What advice would you give to other female leaders about the best way to manage a large team?
Transparency has become a major cornerstone when it comes to guiding my teams. Pivots and adjustments are all part of the game, especially in a startup. But, when drastic changes are made without information, then speculation can take over. I think giving a clear explanation about the motives behind a specific change of course helps your team feel connected and avoids confusion. Transparency in manufacturing channels, product reviews, and even on the executive teams behind brands has become expected from consumers. By initiating transparency internally from the beginning, it easily builds this culture from the ground up.
None of us are able to achieve success without some help along the way. Is there a particular person who you are grateful towards who helped get you to where you are? Can you share a story about that?
I’ve been fortunate to work for and with so many inspiring female leaders in my career. I’d have to start with Theresa Flynt, the founder of the Hustler Hollywood stores, and whom I owe so much to. She really took me under her wing when I first started with HH at the tender age of 22. She taught me all of the critically important social factors that go into building successful partner relationships — how to break the ice during client dinners, bond with brand partners so they want to do good by the deal, lead an effective team by setting an example of being professional yet still being able to have fun…the list goes on. These are the sort of unspoken responsibilities of leaders and, thanks to her guidance, I felt comfortable taking on those roles when I became a newfound leader. Most importantly, she empowered me to make big decisions. Without her generosity and vote of confidence early on in my career, I never would have felt as emboldened moving forward into more visible and demanding positions.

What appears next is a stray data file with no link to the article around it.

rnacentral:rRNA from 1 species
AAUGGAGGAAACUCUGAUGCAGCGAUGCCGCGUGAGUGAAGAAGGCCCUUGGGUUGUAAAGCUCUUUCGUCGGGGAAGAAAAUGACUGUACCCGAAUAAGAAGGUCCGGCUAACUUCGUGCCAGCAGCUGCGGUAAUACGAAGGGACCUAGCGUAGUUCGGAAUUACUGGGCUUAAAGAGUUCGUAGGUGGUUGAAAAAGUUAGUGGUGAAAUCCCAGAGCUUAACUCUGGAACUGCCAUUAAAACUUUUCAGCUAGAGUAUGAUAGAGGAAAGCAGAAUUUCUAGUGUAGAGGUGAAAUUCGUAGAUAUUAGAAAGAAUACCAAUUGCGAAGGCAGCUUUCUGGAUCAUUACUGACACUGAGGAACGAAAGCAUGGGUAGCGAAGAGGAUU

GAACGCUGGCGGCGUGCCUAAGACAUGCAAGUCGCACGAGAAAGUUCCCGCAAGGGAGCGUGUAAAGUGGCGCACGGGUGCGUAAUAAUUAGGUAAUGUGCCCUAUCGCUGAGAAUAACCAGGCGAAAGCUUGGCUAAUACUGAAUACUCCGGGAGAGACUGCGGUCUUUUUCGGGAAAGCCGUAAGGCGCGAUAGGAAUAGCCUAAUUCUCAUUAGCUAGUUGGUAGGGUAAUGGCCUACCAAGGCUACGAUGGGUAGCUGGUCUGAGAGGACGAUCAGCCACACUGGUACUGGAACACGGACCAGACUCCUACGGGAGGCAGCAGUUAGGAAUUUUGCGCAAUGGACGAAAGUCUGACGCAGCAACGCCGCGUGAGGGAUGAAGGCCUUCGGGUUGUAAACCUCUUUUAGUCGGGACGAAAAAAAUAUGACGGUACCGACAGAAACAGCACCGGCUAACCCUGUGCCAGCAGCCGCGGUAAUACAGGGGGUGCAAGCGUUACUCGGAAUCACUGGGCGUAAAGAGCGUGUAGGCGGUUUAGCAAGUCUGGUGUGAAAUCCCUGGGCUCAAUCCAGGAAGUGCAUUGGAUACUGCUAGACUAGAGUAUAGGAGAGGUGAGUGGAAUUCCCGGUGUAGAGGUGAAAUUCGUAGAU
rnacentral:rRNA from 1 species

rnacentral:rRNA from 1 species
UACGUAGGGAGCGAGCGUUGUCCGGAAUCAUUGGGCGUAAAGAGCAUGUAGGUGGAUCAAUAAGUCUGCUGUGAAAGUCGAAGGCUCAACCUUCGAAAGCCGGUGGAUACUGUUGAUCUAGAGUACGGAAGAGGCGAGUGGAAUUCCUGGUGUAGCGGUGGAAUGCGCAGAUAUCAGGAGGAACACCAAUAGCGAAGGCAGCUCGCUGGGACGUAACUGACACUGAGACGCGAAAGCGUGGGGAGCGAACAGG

I’m also grateful for my girlfriend Stacey Blume, who was the first true entrepreneur I knew and gave me the entrepreneurial bug. Her namesake fashion brand had caught the attention of celebrities and garnered tremendous press. By day she took meetings at the Soho House NY and by night, was at all the best parties and events! It absolutely inspired me to pursue a similar path.
My girlfriend Nora Wong, who is a successful licensing executive, mom and amazing go-getter, is also a source of constant inspiration in my life. She generously offers her advice and is actually the person who recommended me to the CEO of Philter Labs. I am forever thankful to Nora and her friendship.
How have you used your success to bring goodness to the world?
My success is minimal compared to many other c-suite executives, but I’ve had the good fortune to have consistent, steady and exciting opportunities in my career. I’m always trying to pay it forward, especially when it comes to bringing along former co-workers or partners I’ve had the opportunity to work with into new jobs I secure. If an independent contractor or agency has really proven themselves through hard work and creative results, I always do my best to continue to offer them new opportunities that allow them to experience growth and visibility in their respective disciplines.